Review: Showing Off Rock-Solid Technique and Some Erotic Acrobatics

Philadanco! is a company in transition. A few years ago, Joan Myers Brown, the pathbreaking institution builder who founded the Philadelphia Dance Company in 1970, stepped aside, installing Kim Y. Bears-Bailey as artistic director. But when the troupe returned to the Joyce Theater on Tuesday for the first time since the handover, it looked pretty much the same as ever.

There they were — the impressively skilled dancers with the speed, sharpness and stamina, the rock-solid balances and spins. There was the Philadanco! give-it-your-all spirit. And there was the choreography that showed all that off but rarely suggested a deeper artistry.

The program — oddly titled “Intangible!,” as if the exclamation point recently added to the company name were contagious — features four New York premieres. The first, “From Dystopia to Our Declaration” by Nijawwon Matthews, is the murkiest. Fifteen dancers sit in dimness, supervised by some kind of overseer. They move in mechanical tandem, snapping their heads back, until one (the striking Raven Joseph) stands and points. She somehow leads the way to freedom, though that journey is hobbled by Dave August’s score, which is cinematic in a crude sense.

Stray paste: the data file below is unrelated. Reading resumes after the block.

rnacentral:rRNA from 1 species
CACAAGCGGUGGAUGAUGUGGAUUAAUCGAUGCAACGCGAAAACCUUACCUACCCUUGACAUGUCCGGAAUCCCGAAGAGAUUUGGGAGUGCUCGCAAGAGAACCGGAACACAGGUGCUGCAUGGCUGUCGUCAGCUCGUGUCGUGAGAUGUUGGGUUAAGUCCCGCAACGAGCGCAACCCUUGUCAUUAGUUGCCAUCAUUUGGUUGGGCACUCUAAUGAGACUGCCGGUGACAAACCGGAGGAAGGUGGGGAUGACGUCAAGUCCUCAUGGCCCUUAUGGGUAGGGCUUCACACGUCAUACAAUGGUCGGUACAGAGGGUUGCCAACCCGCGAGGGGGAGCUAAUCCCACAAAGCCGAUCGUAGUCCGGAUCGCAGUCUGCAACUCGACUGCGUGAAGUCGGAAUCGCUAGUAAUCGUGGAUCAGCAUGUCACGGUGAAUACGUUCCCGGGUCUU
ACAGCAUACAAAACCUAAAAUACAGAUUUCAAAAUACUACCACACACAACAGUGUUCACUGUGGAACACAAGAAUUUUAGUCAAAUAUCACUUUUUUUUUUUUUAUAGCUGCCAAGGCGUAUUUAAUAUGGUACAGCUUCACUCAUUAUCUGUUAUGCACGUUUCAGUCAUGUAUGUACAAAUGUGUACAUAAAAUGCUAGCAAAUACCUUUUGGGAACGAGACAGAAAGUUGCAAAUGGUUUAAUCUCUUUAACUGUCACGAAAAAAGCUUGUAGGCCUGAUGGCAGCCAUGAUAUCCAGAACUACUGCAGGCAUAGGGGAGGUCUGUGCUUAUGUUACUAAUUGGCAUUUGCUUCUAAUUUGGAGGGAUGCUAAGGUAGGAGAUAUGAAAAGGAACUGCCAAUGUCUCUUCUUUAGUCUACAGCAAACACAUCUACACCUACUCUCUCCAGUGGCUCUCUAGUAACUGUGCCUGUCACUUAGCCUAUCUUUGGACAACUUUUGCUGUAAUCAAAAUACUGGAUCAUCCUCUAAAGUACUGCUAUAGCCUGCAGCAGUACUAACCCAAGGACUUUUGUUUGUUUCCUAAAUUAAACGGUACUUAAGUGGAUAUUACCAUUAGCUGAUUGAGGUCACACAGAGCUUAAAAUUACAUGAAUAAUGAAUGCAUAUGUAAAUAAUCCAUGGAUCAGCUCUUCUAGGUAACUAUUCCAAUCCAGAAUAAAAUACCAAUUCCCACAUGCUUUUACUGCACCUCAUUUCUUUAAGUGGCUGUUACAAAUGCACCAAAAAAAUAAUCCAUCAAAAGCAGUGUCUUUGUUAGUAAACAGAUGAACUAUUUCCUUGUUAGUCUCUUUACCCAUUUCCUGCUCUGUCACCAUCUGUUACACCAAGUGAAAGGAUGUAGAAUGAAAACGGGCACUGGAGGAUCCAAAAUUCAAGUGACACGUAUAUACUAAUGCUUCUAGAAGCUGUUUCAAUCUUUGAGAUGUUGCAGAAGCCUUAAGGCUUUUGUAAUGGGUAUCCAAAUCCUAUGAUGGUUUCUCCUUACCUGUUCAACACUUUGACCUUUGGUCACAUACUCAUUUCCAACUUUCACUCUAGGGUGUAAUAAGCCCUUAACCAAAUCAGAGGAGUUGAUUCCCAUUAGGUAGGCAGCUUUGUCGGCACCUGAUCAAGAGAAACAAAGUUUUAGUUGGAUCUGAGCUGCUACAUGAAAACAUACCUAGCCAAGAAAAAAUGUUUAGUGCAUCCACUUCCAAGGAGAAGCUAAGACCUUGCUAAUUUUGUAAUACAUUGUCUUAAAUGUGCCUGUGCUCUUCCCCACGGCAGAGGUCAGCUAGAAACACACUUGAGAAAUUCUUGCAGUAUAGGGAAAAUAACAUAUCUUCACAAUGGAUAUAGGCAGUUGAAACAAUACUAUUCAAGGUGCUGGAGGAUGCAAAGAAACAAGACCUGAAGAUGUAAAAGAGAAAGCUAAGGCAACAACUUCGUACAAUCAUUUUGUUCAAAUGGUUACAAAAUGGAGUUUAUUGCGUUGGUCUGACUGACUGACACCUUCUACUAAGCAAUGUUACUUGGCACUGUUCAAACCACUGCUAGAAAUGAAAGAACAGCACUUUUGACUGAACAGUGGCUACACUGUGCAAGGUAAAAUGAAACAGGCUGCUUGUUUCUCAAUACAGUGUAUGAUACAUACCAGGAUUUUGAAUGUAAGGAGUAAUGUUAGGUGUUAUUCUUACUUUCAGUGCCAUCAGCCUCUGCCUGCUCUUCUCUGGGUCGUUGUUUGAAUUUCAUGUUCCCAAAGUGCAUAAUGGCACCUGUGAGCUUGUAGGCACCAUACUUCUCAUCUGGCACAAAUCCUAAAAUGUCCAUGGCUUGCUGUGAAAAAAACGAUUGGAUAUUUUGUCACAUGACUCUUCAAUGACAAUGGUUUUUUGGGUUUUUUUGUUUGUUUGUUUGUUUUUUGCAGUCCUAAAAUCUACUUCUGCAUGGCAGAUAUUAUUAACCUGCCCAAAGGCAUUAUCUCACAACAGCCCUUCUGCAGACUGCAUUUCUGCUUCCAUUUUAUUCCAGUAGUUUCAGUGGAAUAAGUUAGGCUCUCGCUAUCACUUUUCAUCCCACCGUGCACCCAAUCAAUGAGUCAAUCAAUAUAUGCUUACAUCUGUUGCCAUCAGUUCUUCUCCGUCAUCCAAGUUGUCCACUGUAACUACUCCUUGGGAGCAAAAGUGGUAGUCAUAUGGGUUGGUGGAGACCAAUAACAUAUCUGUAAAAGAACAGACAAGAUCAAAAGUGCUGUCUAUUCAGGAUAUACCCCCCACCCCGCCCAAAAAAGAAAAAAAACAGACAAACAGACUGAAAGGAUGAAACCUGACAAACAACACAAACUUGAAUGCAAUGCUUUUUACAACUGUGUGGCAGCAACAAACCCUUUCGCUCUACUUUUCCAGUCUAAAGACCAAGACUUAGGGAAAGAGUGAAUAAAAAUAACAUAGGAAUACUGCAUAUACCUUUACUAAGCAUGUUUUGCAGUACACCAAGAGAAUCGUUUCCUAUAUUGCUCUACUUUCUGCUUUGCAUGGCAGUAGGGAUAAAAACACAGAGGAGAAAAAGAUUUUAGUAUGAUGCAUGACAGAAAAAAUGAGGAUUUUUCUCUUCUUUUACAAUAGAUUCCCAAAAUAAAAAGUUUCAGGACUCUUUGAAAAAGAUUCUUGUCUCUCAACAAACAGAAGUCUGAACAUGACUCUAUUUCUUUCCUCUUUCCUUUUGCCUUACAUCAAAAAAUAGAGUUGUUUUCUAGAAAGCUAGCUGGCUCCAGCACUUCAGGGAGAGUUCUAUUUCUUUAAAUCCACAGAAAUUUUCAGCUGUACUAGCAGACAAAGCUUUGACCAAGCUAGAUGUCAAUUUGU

“Mating Season,” by Christopher Rudd, is much clearer. Rudd is on the rise; two of his works have recently been performed by American Ballet Theater. Here, he arranges three couples in erotic acrobatics. The women throw a leg up on the men’s shoulders, hook a foot on a neck and lean back. A man and a woman somersault while conjoined, and finish by turning that bodily circle into a rectangle. A man holds a woman over his head, upside down with her legs spread, and they spin.

Brena Kashun Thomas and Mikal Gilbert in Rudd’s “Mating Season.”Credit…Andrea Mohin/The New York Times

So it goes, inventive and applause-getting and sometimes beautiful, to music (by Loscil and Tariq Al-Sabir) that is unobtrusive electronic burbling. A program note asserts that rejecting the shame of attraction will promote gender equity. Toward the end, there’s a flash of same-gender partnering, and choreography from the beginning is repeated with the gender ratio reversed, now two women supporting a man. Throughout, the men have been mounting supine women, but in the final image the women are on top.

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